Caz,  England,  Western Europe

The Battle of Cadsand

Edward III (Later picture)
Edward III (Later picture)

Edward III, King of England, had ascended to the throne, vacated by his overthrown and imprisoned father Edward II, in January 1327. Edward III as a descendant of William I (also known as ‘the conqueror’) had inherited the French titles of Duke of Guyenne and Count of Ponthieu, in addition to being the son of Isabella of France, the sister of the heirless King Charles IV of France. In 1328, when Charles IV died, Edward considered himself to have a legitimate claim on the French throne. The other major claimant was Phillip of Valois, a cousin of Charles IV, who as a descendant through the male line had the stronger claim according to ancient Salic law. However Charles had left a pregnant widow, and the possibility of a male heir, so Phillip assumed the role of regent until the child was born. He was crowned King Phillip VI of France at Reims in May 1328 after the widow of Charles IV had given birth to a daughter.

King Edward at first seemed to accept Phillip’s accession to the throne of France, and instead focused on making a peace treaty with Scotland in order to avoid the possibility of an invasion from two sides. However, after years of simmering tension caused by disputes over the duchy of Aquitaine and other territories in South- West France, which were traditionally held by the English Monarch. For which he was obligated to pay homage to the French King, in accordance with the treaty made between Henry III of England and Louis IX of France in 1259. Edward did pay homage twice, once in 1329, and again in 1331. However, tension had developed over the legal position of the King, and his rights as Duke of Aquitaine, and which lands the French were to control. By 1333 the opinion in Aquitaine was generally in favour of English rule.

Battle of Cadsand  (credit bibliotheque nationale de france)
Battle of Cadsand
(credit bibliotheque nationale de france)

Edward had further angered Phillip by offering refuge to Robert III of Artois, a French noble who had been one of Phillip’s closest advisors until a dispute over the County of Artois, when Robert had used a forgery attesting to the will of his father in order to obtain the title and lands he felt were his by right. Having lost his inheritance, he had fled the country to avoid execution, and had arrived in England with a wealth of information on the French court. In 1336 Phillip VI officially demanded the extradition of Robert and by May 1337 had declared Edward III to have forfeited Aquitaine by offering shelter to an enemy of France. In retaliation Edward decided to press his claim to the French throne, attempting to rally support by sending an embassy to Flanders, and the Low Countries. The Duke of Flanders, Louis I was an avid supporter of French Policy, and had, together with his allies, prevented an invasion of France from progressing as Edward had planned. The Duke had placed his half-brother Guy “The Bastard of Flanders” in command of the Garrison at Sluys, close to what is now the border of The Netherlands and Belgium. In those times the two countries were known as Zeeland and Flanders.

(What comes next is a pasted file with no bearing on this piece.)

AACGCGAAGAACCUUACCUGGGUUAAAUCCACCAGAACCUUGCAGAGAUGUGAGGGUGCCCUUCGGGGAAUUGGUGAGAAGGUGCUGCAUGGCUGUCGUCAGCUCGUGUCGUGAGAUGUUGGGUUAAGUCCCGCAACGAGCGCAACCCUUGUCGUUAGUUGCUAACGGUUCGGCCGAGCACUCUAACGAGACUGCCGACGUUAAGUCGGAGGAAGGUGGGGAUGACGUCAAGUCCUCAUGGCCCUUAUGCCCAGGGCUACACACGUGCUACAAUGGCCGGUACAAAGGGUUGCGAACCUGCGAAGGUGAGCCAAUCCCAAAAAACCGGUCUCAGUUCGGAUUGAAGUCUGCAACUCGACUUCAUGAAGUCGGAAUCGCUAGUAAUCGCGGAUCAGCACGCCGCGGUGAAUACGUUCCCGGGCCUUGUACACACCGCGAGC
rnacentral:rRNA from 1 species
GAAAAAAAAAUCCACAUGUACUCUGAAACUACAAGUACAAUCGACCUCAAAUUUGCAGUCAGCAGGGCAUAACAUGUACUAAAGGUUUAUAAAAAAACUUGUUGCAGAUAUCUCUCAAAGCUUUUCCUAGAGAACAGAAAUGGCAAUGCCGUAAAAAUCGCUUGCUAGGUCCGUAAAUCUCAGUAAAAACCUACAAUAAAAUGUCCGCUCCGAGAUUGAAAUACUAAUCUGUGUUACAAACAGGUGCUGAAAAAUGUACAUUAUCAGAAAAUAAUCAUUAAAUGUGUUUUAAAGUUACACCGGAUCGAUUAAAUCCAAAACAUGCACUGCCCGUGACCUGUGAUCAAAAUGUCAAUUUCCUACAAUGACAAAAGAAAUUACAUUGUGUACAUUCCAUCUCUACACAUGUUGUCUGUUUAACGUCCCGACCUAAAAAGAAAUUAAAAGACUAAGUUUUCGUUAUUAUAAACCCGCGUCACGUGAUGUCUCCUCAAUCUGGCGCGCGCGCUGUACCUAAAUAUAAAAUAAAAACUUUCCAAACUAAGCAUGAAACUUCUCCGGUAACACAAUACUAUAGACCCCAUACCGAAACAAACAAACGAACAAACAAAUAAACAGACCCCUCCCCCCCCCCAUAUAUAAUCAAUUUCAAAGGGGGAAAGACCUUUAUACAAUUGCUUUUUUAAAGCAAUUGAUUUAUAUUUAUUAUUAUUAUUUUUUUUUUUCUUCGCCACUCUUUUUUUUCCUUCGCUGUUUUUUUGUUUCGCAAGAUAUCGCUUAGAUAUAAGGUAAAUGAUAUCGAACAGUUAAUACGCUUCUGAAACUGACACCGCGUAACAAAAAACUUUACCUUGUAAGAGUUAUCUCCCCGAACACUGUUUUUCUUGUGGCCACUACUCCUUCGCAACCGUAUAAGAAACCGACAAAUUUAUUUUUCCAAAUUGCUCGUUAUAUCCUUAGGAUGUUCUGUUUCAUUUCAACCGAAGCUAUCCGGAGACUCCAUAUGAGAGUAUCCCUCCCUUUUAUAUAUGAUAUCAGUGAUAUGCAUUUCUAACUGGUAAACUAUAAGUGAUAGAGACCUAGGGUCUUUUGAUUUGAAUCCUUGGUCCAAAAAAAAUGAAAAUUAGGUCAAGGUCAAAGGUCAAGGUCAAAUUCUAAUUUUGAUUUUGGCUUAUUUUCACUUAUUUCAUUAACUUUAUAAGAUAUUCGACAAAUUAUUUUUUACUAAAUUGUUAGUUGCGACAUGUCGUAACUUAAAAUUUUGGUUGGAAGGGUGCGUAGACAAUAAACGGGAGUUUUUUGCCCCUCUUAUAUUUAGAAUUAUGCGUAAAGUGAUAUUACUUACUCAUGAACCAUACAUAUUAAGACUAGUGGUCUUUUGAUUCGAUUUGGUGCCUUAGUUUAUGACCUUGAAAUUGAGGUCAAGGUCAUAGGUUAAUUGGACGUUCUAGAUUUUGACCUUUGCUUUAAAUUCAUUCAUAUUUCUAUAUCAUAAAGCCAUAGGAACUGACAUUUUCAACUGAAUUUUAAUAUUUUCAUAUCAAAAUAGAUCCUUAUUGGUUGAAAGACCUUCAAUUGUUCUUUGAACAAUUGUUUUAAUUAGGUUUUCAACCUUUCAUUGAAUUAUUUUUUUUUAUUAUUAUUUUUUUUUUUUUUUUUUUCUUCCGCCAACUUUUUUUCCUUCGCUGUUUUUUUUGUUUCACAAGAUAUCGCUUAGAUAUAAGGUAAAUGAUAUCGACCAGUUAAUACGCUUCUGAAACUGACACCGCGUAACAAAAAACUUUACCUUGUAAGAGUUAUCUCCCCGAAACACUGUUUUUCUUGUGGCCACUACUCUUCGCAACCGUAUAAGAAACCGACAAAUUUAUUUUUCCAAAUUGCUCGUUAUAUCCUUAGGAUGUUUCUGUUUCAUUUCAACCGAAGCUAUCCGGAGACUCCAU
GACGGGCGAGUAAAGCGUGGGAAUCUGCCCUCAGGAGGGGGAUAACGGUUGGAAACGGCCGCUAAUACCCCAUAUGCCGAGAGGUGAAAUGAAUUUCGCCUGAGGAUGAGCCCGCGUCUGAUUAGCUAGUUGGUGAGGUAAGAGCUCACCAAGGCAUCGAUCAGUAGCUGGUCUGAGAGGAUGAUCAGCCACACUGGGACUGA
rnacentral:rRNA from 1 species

The Island of Cadsand, across the waters of the Zwin Estuary was the location for the first battle of the Hundred Years War. Although a fairly minor engagement, it was a decisive victory for the English. Under the command of Sir Walter Manny, around 3700 men had made raids on the Island in order to draw out the Flemish army. On November 9th Sir Guy, Bastard of Flanders (illegitimate son of Louis, Count of Nevers and half-brother of Louis I), the Commander of the garrison at Sluys, crossed the estuary with several thousand men in order to confront the English. Sir Walter had been prepared for this, and had drawn his men up in a good defensive position; they were able to beat back the advancing Flemish with relative ease, possibly with the use of the Longbow, although unfortunately no detailed accounts of the battle survive. Sir Guy was captured, along with many of his men, only a few were able to retreat across the river to the garrison, resulting in an almost total loss for the Flemish army. The English were victorious, with minimal casualties. The battle was seemingly simply a show of force and a plan to improve morale amongst King Edward’s forces and allies. The Island was left to its surviving inhabitants.

image of tomb of Louis, Count of Nevers (credit to getty images)
image of tomb of Louis, Count of Nevers
(credit to getty images)

The actions of Louis I, count of Flanders resulted in a boycott of the English wool trade, upon which the Flemish depended; this led to an uprising under the political leader Jacob Van Artevelde, which forced Louis to flee to France, leaving his lands for good. He was killed at the Battle of Crecy in 1346. In 1340 Flanders aligned with England, recognised Edward III as rightful Sovereign of France and Overlord of Flanders, and Flemish trade and industry flourished. Artevelde served as captain general of Ghent until his death in 1345.